“I’ve got a new album out in September so there will be some songs from that and favourites from the past 30 years, but I can’t tell you what I’ll play as I like to react to the space and the people and let that influence what songs I play. Sometimes you look down at the set list and think that the next song isn’t quite right for the atmosphere so it’s good to respond to the room. While it can add a little bit of extra pressure, it feels really good when you pull it off.”

When Hewerdine arrives in Hungerford, it will be part of his fifth consecutive tour of 2019. His busy schedule has seen him in this week alone in Cornwall, Scotland, Yorkshire and London, combining a tour with Darden Smith with teaching the art of song-writing through his unique workshops.

The pair’s album Evidence was released 30 years ago and they’ve marked the occasion with an anniversary tour.

He said: “We didn’t know if anyone would remember this old album from 30 years ago, but we put on a couple of gigs and they kept selling out. It’s been mindblowing.”

Boo Hewerdine plays Hungerford Summer Festival on Wednesday, 3rd July at 8pm.


Mr Shaha’s recipes of wonder: adventures in science around the kitchen table

We all know that we should read to our young children to help them with their literacy. But what about science? How can you help your child to gain an understanding of the world around them?


We went to a terrific talk thanks to Newbury Talks at the weekend – one of their regular free talks on interesting topics – by Alom Shaha who has written this Mr Shaha’s Recipes of Wonder to help parents get their children asking the right questions.

He is a physics teacher with a background in TV production, which was evident from his entertaining demonstrations. Small son and I have emulated his demo and worked out way through even more teabags than usual!

What was great about this talk (and this book), is that science isn’t all about white coats, beakers and chemical formulae.  And that is is OK not to know the answers; but to prompt your child to work out how they could do an experiment or know how to find the answer to their questions.

His great advice includes encouraging children to take an interest in the world and see things around you. Be positive, don’t say how much you hated science at school. Ask questions – what would happen if you changed things? What might happen if I make this shorter/add liquid/move it? 

Play around with the parameters and take activities and make them into science experiments.  If you’re doing something, related to something else, reinforce those ideas. 

Right, off to grab some wine glasses as a science experiment 😀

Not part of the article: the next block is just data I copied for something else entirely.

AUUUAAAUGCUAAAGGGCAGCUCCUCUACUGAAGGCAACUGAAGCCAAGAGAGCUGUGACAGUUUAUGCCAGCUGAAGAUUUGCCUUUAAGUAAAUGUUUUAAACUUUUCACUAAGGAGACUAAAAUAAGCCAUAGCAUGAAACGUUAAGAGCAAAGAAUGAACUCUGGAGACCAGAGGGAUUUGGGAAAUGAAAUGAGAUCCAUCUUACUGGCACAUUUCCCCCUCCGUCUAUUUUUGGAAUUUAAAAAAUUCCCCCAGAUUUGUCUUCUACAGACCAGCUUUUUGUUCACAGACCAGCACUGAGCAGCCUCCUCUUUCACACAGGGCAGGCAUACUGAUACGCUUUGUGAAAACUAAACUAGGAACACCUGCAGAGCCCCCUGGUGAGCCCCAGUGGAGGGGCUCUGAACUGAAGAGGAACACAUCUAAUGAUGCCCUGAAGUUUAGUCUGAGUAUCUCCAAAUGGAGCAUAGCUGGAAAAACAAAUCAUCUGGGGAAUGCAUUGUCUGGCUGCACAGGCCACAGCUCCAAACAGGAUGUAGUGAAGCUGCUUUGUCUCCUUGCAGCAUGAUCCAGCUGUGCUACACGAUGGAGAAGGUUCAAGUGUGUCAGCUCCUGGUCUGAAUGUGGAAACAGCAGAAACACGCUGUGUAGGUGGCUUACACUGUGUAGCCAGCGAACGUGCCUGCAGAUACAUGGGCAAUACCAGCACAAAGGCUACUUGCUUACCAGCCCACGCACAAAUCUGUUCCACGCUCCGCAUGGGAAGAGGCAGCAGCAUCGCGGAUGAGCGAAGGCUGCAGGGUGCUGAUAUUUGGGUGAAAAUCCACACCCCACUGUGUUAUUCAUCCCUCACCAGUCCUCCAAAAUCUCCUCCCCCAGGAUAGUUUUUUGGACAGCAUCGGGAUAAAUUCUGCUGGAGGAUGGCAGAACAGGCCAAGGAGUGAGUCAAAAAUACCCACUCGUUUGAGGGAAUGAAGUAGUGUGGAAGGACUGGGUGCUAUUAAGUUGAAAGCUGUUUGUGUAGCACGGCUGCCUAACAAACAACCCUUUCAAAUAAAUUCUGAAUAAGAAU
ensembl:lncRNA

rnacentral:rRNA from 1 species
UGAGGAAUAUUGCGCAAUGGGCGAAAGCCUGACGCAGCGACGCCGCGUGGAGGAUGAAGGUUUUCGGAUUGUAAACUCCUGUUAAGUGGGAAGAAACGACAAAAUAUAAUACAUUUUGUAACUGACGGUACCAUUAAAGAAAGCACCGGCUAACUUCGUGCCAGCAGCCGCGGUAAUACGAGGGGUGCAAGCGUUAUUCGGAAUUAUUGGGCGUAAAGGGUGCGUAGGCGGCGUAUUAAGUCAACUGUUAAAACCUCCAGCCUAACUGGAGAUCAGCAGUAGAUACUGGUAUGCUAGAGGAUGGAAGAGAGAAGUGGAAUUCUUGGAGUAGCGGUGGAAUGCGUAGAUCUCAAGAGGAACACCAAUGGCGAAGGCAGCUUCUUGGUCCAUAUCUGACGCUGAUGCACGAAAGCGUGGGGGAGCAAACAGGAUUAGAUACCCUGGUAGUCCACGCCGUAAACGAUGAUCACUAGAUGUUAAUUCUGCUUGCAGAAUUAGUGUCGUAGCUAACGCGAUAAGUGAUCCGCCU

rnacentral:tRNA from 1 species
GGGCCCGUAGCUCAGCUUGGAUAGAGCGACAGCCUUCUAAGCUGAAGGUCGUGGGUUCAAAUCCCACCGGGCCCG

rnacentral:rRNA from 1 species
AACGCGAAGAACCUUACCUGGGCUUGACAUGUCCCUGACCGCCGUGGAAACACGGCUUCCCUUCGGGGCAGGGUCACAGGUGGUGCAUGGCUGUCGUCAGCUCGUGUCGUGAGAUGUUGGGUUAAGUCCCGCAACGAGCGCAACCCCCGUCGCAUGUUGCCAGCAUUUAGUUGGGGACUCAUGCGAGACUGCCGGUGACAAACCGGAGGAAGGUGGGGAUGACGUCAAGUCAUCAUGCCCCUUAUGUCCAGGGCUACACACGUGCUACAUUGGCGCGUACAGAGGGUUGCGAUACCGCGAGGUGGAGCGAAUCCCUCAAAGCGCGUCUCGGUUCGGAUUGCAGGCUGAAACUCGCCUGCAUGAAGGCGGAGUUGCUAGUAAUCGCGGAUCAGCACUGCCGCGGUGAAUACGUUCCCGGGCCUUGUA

Le Navet Bete’s – Three Musketeers

“It’s like a giant Rubik’s Cube that we have to solve live in front of an audience.”

This is how Nick Bunt from Le Navet Bete describes The Three Musketeers: A Comedy Adventure which the madcap group (whose name translates to The Stupid Turnip) will be bringing to the Corn Exchange, Newbury, from 12th to 14th June.

Three Muskateers_Mark Dawson Photography_DSC0728.jpg

Le Navet Bete- pic by Mark Dawson


Fans of the hilarious West Country troupe will agree that a Rubik’s Cube is a fitting analogy for the colourful and multi-faceted performances that Le Navet Bete are well-known for. Combine all that with clever set design that the actors carry out themselves, along with physical comedy, deliberate errors plus multiple costume changes, and you’ll be excited to see what they’ll do with the Alexandré Dumas classic.

Le Navet Bete comprises four actors – Nick Bunt, Matt Freeman, Al Dunn and Dan Bianchi – plus Alex ‘Wheaty’ Best who is the production manager. The fivesome met at the University of Plymouth on a theatre and performance course ten years ago where they realised they had the same comedic taste and love of physical theatre and clowning. They started working together, took a show to the Edinburgh Festival Fringe and have toured extensively, building up a loyal fanbase along the way.

Since then, they’ve tackled everything from The Jungle Book to Aladdin to Dick Tracy. Two years ago, they set their sights on Alexandre Dumas’ historical adventure story and their intensive writing process has culminated in this show which recently premiered at the Northcott Theatre in Exeter.

Nick Bunt, who plays Cardinal Richelieu, Aramis, and at least seven other parts is excited to be returning to West Berkshire.

He said: “We make shows for literally anyone to come and enjoy from ages 4 to 104. It’s pure escapism, it’s fun, it’s joyous, always a twinkle in our eyes and a strong connection with the audience. Audiences are why we do this job and we want to make them feel comfortable right from the start. It’s two hours of sheer madness and engaging storytelling.

“We have been coming to Newbury for about five years now with various shows, firstly at New Greenham Arts Centre and now at the Corn Exchange. Over this time, we’ve steadily built up a brilliant loyal fan base who keep coming back for more. The audiences in Newbury are always so up for a laugh and this is why we keep coming back!”

“We’ve taken Alexandre Dumas’ classic story – that’s 700 pages of epic adventure – and condensed it into just two hours of high energy, fun and hugely entertaining theatre for absolutely anyone and everyone to enjoy.”

True to form, swords seem to have been replaced with baguettes, horses with bikes and the four actors play a grand total of 41 characters between them. Not only are there 50 outfits and 112 costume changes, but the group has decided for the first time that it might be fun to carry out the costume changes on stage, in front of the audience.

“It’s a story that’s been told a thousand times but we’ve put a fun twist on it, remembering childhood days of playing dress-up in dens and treehouses. It’s a great way to let the story play out and audiences have been loving it,” he adds. “It’s absolutely the most ambitious piece of work we’ve ever made, and we cannot wait to share it!”

Interview first appeared in the Newbury Weekly News..